MMPs mediate basement membrane invasion in many contexts, including leukocyte invasion and anchor cell invasion in C. elegans (Madsen and Sahai, 2010; Page-McCaw et al., 2007; Sherwood et al., 2005; Yadav et al., 2003). Additionally, Schwann cells activate MMP expression following nerve injury, and MMPs have been implicated in Schwann cell myelination (Ferguson and Muir, 2000; La Fleur et al., 1996; Lehmann et al., 2009; Mantuano et al., 2008). Intriguingly, MMP2 was recently shown to have a role in degrading the basement membrane to allow dendrite remodeling in Drosophila sensory neurons (Yasunaga et al., 2010). Future experiments will determine whether MMPs or other enzymes are involved in basement membrane remodeling.
The process of localizing a nerve below a basement membrane to protect it from the remodeling of its targets is likely to be a common feature of sensory epithelia. In many sensory structures, including the tongue, epidermis, nose, vestibular organ and lateral line, innervated receptive organs or free nerve endings are located within the epithelium, whereas the main nerve plexus is located below the epithelial basement membrane (Boulais and Misery, 2008; Fernandez et al., 1990; Nedelec et al., 2005; Northcutt, 2004; Oakley and Witt, 2004; Purcell and Perachio, 1997; Si et al., 2003; Winklbauer, 1989). These are tissues, with the exception of the inner ear hair cells in mammals, where there is frequent turnover of the epithelium or the sensory cells themselves. For example, taste receptors and olfactory neurons are constantly reborn and replaced throughout life, and the epidermis is continually being sloughed off and replaced (Fuchs and Horsley, 2008; Nedelec et al., 2005; Oakley and Witt, 2004). Perhaps separating innervating axons from their targets protects the nerve from the turnover of its targets (or, in the case of the nasal epithelium, the turnover of individual neurons). Thus, as we show here in the lateral line nerve, Schwann cells may be important for positioning nerves in other sensory organs.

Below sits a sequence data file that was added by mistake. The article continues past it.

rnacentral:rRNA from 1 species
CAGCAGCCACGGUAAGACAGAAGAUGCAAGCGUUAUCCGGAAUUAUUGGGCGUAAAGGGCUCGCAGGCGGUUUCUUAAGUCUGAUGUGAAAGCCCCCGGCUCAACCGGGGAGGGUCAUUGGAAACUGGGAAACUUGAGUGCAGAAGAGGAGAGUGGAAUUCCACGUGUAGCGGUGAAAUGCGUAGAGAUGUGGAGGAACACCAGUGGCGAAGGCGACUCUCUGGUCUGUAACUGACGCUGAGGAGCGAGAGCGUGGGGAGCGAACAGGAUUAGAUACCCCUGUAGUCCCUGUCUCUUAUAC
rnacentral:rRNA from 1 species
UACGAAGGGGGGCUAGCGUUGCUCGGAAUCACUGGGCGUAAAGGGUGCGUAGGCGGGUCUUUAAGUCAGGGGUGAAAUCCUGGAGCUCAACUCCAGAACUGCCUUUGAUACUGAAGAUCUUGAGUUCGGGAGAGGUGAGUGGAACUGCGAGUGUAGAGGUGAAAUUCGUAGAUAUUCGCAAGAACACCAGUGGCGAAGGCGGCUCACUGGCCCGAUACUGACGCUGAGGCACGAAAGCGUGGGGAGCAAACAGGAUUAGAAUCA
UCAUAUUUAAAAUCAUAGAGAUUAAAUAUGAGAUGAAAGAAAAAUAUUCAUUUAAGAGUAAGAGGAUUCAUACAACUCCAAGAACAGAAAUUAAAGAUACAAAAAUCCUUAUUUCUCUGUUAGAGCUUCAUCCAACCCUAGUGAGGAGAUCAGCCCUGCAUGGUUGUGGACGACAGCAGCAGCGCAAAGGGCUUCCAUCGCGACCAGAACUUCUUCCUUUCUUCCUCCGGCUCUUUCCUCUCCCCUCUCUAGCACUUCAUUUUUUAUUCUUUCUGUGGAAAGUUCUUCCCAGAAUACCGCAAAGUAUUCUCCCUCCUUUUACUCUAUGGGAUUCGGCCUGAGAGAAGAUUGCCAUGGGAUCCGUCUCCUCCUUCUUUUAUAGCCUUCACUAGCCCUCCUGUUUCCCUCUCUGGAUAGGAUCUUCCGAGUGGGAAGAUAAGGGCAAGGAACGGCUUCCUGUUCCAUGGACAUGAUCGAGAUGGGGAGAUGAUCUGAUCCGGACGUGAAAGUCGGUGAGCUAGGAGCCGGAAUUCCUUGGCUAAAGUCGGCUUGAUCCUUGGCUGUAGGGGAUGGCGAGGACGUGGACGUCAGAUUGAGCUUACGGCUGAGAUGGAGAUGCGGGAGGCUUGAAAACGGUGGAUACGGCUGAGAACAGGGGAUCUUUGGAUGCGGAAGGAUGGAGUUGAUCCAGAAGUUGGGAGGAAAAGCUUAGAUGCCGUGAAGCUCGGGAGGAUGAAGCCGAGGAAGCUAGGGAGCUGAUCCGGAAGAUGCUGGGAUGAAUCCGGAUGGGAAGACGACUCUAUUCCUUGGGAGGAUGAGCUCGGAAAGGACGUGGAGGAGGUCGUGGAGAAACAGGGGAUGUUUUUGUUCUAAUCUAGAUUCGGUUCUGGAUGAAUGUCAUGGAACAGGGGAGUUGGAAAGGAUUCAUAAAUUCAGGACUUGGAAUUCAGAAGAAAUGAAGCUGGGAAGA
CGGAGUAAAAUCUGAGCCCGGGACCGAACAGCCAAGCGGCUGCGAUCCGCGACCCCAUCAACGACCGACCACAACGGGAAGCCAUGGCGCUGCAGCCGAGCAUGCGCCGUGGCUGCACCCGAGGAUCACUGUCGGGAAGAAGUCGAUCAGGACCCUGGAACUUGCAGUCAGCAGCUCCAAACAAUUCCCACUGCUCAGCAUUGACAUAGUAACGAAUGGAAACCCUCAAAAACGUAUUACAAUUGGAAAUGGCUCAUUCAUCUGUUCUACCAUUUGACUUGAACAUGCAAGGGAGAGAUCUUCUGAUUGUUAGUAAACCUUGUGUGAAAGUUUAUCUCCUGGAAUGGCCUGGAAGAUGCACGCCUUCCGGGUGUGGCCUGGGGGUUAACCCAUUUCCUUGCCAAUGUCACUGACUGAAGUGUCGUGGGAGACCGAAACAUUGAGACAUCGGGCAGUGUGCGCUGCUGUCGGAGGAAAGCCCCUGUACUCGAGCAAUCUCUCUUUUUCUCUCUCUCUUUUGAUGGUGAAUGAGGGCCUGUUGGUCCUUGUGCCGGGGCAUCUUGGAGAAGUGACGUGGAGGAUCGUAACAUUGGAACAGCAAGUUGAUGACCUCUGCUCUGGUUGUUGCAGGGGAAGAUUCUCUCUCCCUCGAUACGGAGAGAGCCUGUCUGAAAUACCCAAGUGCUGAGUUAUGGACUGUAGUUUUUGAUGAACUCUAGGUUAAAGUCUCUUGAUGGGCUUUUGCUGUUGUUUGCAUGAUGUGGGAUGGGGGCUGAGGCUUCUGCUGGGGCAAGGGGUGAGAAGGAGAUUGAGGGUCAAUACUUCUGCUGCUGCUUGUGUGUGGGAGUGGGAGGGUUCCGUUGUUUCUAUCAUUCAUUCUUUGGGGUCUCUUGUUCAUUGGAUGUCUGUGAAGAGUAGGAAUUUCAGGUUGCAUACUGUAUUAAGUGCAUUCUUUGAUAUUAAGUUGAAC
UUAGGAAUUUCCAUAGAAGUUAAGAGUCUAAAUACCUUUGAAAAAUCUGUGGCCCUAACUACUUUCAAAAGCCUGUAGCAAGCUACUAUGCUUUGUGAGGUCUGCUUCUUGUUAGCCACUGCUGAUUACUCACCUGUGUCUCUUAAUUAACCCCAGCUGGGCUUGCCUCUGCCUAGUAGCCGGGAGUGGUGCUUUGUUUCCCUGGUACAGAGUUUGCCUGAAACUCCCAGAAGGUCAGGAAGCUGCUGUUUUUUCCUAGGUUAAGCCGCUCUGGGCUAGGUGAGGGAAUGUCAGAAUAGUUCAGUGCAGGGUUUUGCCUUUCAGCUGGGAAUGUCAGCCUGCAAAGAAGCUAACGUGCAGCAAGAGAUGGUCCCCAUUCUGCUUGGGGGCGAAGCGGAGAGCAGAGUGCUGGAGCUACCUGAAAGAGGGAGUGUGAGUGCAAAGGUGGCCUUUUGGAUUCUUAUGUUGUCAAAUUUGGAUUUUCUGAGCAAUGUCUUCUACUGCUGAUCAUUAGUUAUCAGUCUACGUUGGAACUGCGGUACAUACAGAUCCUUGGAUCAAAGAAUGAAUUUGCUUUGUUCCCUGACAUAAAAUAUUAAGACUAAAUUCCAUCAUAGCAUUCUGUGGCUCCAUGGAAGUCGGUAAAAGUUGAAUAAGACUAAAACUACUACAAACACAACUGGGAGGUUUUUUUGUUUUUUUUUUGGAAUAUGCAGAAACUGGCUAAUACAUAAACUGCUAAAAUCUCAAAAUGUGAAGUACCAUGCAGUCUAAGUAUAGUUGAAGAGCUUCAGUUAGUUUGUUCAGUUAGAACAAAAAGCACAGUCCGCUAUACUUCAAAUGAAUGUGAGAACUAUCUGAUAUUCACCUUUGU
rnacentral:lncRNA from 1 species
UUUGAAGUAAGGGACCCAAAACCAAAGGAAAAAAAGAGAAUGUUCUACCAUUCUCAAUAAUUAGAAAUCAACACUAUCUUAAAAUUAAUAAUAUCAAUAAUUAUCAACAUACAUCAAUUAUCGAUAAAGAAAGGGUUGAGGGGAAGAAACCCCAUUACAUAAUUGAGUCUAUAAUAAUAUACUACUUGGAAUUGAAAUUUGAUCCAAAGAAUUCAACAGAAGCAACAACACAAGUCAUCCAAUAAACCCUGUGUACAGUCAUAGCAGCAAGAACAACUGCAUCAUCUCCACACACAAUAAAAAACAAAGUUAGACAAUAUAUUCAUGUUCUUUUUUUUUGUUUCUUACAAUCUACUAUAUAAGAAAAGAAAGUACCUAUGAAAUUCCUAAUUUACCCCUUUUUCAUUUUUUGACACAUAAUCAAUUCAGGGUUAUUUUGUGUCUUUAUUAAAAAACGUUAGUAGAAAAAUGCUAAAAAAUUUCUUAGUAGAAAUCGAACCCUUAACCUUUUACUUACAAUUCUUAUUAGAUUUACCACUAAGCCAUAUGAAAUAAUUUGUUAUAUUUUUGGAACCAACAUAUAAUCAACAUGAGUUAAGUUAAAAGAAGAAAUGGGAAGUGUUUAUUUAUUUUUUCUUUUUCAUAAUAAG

We thank members of our laboratory, David Kingsley and Alex Schier for helpful discussion; Tuky Reyes for excellent fish care; and John Perrino for TEM support. A.R.R. is supported by a Stanford Graduate Fellowship and by an NIH training grant. J.R.P. is supported by the Stanford Genome Training Program and a Stanford Graduate Fellowship. This work was supported by NIH grant NS050223 to W.S.T. Deposited in PMC for release after 12 months.
The authors declare no competing financial interests.
Competing interests statement